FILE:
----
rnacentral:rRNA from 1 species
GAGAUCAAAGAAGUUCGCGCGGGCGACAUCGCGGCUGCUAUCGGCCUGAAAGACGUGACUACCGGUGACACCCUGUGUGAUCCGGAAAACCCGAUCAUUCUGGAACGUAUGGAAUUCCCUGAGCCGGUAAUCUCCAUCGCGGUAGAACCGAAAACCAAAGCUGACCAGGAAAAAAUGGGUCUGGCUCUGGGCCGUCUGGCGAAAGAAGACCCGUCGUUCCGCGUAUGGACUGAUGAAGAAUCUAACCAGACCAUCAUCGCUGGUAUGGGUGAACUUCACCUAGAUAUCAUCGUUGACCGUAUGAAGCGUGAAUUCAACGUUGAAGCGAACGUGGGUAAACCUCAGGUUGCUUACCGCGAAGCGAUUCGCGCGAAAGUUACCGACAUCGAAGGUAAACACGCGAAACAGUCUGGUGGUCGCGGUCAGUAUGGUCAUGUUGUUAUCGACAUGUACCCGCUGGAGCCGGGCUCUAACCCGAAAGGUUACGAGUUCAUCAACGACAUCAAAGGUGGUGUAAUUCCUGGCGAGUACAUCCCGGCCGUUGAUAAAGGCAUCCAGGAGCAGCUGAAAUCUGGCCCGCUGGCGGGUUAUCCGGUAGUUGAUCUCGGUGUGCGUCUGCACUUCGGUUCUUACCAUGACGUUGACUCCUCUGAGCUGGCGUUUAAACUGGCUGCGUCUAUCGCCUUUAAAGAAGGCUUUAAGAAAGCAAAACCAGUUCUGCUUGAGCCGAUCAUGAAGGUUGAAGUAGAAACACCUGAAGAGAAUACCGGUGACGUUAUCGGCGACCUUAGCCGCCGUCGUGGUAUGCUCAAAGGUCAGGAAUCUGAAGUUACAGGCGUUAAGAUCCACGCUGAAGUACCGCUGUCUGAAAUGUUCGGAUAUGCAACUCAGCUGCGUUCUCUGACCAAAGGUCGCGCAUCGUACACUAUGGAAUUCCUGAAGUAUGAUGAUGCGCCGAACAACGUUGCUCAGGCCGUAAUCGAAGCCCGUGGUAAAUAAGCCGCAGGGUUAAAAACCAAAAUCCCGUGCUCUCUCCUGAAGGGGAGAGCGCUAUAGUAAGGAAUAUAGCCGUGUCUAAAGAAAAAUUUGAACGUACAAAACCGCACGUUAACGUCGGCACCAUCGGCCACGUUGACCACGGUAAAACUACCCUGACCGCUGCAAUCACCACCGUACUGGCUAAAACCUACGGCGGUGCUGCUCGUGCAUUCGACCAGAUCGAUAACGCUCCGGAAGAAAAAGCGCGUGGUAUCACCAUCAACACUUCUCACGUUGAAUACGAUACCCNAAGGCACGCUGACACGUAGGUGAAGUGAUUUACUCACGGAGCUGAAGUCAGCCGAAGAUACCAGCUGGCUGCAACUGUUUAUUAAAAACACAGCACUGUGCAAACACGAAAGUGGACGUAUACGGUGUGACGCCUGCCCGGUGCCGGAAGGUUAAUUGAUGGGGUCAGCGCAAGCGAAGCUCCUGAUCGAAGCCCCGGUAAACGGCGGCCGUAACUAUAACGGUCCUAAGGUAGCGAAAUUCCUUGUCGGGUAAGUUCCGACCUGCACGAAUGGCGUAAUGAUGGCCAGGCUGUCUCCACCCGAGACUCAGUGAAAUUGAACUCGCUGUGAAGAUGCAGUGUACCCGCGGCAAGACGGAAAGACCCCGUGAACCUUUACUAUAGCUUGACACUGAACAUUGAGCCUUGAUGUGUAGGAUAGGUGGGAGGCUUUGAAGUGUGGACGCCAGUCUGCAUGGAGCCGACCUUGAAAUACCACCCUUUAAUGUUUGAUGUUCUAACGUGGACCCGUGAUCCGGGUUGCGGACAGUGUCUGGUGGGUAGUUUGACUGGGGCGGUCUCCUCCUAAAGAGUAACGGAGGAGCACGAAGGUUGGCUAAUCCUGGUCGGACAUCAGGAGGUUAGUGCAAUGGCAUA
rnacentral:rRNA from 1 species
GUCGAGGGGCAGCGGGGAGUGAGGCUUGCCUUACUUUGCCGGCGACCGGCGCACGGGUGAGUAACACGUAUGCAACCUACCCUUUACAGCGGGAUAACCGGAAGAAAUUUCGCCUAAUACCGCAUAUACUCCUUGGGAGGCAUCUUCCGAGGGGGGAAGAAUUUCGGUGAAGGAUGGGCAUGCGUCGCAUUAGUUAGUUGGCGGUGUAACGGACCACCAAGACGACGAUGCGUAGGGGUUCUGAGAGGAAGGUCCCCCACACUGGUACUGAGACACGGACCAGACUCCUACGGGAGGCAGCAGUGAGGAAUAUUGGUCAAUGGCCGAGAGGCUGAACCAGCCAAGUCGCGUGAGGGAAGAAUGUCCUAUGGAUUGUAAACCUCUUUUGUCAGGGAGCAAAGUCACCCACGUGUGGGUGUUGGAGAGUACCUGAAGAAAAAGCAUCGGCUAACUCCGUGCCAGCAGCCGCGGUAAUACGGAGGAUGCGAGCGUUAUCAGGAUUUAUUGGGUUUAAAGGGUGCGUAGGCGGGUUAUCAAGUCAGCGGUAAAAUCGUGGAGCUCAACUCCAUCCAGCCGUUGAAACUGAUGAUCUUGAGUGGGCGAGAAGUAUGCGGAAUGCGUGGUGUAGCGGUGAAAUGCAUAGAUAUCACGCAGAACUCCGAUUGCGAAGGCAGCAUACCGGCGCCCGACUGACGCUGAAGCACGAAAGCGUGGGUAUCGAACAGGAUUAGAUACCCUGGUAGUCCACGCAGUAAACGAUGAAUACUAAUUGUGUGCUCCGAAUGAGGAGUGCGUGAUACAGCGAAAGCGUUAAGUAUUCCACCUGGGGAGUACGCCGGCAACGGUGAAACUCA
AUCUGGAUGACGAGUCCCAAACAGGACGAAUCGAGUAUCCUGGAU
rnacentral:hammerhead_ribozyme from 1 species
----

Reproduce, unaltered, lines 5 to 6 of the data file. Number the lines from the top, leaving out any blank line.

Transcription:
AUCUGGAUGACGAGUCCCAAACAGGACGAAUCGAGUAUCCUGGAU
rnacentral:hammerhead_ribozyme from 1 species